Randy Travis' condition has improved after he underwent a surgery to relieve pressure on his brain following a stroke. His doctors shared information on the singer's condition in a taped interview which was posted on Monday, July 15.
According to his doctors, Travis' condition "has stabilized." Dr. Gary Erwin said that the "Forever and Ever, Amen" singer "is awake and alert, interacting with his family and friends and beginning to start doing some early physical therapy."
Cardiac surgeon Michael Mack explained that Travis "did suffer an acute viral illness over the past three weeks, but that seems to have tipped over a more chronic condition. He has what's called idiopathic cardiomyopathy, which means he has scarring of his heart muscle that is causing his heart to be weak and not able to support his circulation without help of either medical devices or medication." Travis' family history of cardiomyopathy contributed to his heart's condition.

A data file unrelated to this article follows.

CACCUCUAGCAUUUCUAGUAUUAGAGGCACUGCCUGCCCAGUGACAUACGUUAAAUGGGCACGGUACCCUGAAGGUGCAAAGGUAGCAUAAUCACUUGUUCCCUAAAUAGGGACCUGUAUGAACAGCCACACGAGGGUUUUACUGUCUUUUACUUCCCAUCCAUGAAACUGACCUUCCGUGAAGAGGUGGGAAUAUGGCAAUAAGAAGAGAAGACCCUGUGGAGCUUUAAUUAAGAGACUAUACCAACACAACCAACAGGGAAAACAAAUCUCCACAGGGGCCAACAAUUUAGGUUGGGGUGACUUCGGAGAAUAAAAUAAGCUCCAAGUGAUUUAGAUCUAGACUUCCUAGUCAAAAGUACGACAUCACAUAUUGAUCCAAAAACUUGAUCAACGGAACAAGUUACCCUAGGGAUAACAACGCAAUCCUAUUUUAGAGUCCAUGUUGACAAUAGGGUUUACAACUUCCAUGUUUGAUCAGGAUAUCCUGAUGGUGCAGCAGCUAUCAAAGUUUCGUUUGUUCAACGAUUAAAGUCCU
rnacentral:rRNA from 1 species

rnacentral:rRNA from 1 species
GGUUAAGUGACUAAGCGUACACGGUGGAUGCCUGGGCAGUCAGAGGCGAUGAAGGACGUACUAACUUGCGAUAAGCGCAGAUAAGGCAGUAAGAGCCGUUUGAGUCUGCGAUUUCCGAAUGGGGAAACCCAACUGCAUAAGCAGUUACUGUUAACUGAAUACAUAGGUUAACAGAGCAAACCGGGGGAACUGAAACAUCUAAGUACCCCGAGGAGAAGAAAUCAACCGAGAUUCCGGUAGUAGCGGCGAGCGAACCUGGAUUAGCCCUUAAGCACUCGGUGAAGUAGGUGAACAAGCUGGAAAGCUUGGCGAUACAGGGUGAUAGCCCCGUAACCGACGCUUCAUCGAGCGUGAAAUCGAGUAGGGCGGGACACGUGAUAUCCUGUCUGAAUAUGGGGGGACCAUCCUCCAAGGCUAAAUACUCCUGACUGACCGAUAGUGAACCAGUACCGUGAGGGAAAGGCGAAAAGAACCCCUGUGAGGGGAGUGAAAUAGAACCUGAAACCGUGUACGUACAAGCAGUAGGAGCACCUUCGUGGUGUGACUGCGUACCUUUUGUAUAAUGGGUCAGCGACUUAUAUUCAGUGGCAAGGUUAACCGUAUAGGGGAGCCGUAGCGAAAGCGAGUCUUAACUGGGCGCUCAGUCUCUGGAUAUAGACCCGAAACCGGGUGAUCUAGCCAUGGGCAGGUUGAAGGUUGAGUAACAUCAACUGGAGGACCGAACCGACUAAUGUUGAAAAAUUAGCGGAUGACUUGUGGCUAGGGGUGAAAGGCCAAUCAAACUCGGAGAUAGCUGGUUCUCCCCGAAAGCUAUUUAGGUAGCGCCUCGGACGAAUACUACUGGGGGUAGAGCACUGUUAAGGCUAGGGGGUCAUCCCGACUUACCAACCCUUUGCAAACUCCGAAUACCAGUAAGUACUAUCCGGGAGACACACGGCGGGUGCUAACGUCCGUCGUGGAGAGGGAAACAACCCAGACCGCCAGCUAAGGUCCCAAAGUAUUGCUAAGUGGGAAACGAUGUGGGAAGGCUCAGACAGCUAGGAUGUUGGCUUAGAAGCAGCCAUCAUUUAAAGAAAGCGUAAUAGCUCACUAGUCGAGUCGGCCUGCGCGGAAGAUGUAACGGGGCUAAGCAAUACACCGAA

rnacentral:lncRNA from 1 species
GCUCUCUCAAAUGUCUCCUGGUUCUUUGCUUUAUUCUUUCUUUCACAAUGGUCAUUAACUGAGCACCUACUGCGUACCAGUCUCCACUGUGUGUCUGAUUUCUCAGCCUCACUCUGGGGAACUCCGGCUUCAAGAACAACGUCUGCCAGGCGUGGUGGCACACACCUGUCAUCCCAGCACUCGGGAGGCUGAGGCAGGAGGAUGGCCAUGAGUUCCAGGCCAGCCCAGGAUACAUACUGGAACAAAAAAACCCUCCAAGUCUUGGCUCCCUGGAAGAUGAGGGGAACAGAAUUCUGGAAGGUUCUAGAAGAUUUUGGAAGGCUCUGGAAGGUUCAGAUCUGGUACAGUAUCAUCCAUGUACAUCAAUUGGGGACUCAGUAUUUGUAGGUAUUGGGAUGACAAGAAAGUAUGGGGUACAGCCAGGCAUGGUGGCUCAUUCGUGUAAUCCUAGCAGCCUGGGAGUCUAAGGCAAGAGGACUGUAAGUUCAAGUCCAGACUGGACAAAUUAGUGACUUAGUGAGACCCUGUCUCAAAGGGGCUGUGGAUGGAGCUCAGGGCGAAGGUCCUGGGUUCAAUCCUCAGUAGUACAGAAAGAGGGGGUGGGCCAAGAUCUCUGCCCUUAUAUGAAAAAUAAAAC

Travis is currently breathing spontaneously with the help of ventilator, but his physicians hope that he can breathe without assistance soon. Travis will need to stay at The Heart Hospital of Baylor in Plano for another two or three weeks and receive intense physical therapy later. The doctors said that the stroke recovery could take up to months.
In the interview, Travis' fiancee Mary Davis thanked family members and friends for "the outpouring of love and affection that has shown up at the hospital and at home, and through several different avenues of support." According to Davis, Travis "is responding well to voices and he sees and he understands. He's miles beyond where any of us thought he would be a few days ago."